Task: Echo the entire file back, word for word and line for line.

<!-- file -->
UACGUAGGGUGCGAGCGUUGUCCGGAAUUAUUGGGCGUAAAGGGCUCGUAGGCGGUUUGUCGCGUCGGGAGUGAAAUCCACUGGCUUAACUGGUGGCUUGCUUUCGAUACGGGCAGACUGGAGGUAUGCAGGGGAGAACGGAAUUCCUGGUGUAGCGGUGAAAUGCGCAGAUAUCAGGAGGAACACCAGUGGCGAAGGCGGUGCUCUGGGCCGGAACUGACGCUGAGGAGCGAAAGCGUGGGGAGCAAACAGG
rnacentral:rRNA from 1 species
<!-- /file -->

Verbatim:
UACGUAGGGUGCGAGCGUUGUCCGGAAUUAUUGGGCGUAAAGGGCUCGUAGGCGGUUUGUCGCGUCGGGAGUGAAAUCCACUGGCUUAACUGGUGGCUUGCUUUCGAUACGGGCAGACUGGAGGUAUGCAGGGGAGAACGGAAUUCCUGGUGUAGCGGUGAAAUGCGCAGAUAUCAGGAGGAACACCAGUGGCGAAGGCGGUGCUCUGGGCCGGAACUGACGCUGAGGAGCGAAAGCGUGGGGAGCAAACAGG
rnacentral:rRNA from 1 species